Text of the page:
Teenage rock climber Sarah Leung on almost giving up, why she loves the sport, and hopes to represent Hong Kong in Tokyo 2020

Teenage rock climber Sarah Leung on almost giving up, why she loves the sport, and hopes to represent Hong Kong in Tokyo 2020

The 15-year-old student from Creative Secondary School started climbing when she was eight and practises for 15 hours per week

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Balance is crucial in rock climbing, a lesson that translates well to life.
Photos courtesy of: Sarah Leung

Not many schools offer rock climbing in PE lessons, so how how did Sarah Leung become such a pro? And what motivates her to continue?

The 15-year-old from Creative Secondary School has been rock climbing since she was eight. She started because she was a very active child who didn’t like to sit still. Nearly eight years later, she’s won local competitions, and represented Hong Kong on the mainland.

So what’s its appeal? “This sport is challenging,” Sarah says, adding, ”rock climbing requires whole body strength – and I think it is good for my health.”

Sarah trains for three hours every Tuesday, Wednesday and Friday night. Although this might limit the time she has to do other activities, she loves her practice sessions.


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“I really enjoy climbing, so I never see it as a waste of my time. I’ve also made a lot of friends through climbing, so it makes me very happy.”

That’s not to say her gradual rise has been easy. There have been challenges quite apart from those presented by the wall.

“I have thought about giving up rock climbing before. At first I didn’t have a lot of friends who climbed, so I found it lonely and I had no motivation to improve or continue.

Chalk helps climbers to keep a good grip.

“I was also getting pressure from my family members about my grades at school which made me consider giving up. My parents wanted me to quit.” But in the end, Sarah says, her love for the sport was just too great. And while there have been times where she has felt frustrated by the activity, she has stuck to it, and continues to do so, whatever other issues she faces.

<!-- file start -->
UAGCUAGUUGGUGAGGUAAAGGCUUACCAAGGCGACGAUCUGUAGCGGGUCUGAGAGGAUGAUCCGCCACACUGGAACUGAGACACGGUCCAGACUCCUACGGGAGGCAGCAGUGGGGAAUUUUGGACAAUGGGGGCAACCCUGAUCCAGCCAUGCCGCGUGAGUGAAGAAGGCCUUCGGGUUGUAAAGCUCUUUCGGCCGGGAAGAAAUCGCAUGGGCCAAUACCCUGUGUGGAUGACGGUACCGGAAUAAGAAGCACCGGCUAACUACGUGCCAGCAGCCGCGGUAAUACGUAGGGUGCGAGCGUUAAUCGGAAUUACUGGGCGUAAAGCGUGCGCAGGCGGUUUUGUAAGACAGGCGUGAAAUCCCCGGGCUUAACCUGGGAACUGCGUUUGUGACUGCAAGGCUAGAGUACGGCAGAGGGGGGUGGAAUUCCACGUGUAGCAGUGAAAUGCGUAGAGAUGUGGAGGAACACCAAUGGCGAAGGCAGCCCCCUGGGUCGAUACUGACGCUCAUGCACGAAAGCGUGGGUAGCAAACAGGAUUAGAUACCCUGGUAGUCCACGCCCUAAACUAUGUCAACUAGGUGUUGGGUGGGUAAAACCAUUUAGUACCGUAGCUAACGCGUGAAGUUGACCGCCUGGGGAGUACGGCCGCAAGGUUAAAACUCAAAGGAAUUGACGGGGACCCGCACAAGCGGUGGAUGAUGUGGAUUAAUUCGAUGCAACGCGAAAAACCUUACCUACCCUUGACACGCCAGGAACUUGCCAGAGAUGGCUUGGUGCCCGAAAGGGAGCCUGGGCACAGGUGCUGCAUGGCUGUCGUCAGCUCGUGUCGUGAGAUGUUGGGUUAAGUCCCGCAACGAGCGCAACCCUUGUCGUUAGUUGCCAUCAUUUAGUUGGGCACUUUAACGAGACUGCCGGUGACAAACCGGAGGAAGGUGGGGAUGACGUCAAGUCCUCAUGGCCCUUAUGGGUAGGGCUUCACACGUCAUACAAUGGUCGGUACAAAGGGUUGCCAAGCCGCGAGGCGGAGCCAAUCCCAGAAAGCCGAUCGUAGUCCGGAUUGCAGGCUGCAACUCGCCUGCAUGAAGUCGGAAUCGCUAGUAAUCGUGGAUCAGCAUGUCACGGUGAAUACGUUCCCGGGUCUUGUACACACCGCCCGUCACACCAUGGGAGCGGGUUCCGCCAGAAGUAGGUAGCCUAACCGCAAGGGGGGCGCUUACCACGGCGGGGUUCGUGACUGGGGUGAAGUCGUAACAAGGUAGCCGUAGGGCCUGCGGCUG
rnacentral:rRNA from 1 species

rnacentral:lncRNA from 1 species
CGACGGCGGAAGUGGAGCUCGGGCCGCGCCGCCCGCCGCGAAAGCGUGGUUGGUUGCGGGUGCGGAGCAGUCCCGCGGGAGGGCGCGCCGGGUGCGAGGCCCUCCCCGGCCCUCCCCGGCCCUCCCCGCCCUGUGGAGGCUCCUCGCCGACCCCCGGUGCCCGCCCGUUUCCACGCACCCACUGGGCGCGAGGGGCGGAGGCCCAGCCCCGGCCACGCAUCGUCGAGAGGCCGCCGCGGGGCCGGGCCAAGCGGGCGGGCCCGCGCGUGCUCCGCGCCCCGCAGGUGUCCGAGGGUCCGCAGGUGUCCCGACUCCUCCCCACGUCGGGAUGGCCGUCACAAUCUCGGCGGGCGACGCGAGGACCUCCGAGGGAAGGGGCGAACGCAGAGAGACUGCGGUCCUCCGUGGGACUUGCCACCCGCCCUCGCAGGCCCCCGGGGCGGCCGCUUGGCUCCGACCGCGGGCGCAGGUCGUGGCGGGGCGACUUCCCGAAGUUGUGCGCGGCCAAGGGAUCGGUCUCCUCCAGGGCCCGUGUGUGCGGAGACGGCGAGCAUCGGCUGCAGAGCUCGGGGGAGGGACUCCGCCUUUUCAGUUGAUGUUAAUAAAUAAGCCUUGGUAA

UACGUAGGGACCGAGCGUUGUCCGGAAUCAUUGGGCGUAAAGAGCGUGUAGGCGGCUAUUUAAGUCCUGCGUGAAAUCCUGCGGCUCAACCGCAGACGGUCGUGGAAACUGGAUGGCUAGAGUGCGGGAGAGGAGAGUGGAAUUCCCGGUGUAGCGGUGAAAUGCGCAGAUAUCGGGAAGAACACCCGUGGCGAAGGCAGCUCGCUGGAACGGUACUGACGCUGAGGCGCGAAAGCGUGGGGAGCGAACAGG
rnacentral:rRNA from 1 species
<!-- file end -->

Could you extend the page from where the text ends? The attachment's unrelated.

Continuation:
Sarah won her first championship in an interschool competition when she was in Primary 5, and her hard work and dedication continue to pay off. She has won two senior interschool competitions and competed in the 10th National Youth Rock Climbing Championships in Hebei last year.

“I had a chance to compete with all those wonderful and amazing climbers. Although I only took fourth place, I gained a lot of experience which has allowed me to improve and be a better climber.”

Sarah hopes the challenging sport will become more common activity in Hong Kong, and she would love to be involved in promoting it.

“Rock climbing is becoming more common globally these days – there will even be a climbing event at the Tokyo Olympics in 2020.”


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And Sarah hopes one day to compete amongst those strongest, quickest climbers, but acknowledges that currently that’s unlikely. “I want to compete in the Olympics, but I feel like the system in Hong Kong does not allow me to. I hope the government will provide more resources to help fuel Hong Kong athletes’ careers and dreams.

The struggle to become a full-time athlete in the city is stressful, especially for student athletes, who tend to be told that only academic success guarantees future happiness.

But Sarah still encourages other teens to give her beloved sport a go, and has some tips. “My advice for beginners is to stay safe, be careful and don’t be too ambitious. I’ve broken my leg a few times because I was too ambitious!” She adds that because rock climbing is an individual sport, it teaches you to be true to yourself. Bonus.

Edited by Nicole Moraleda

This article appeared in the Young Post print edition as
Nothing’s gonna get her down

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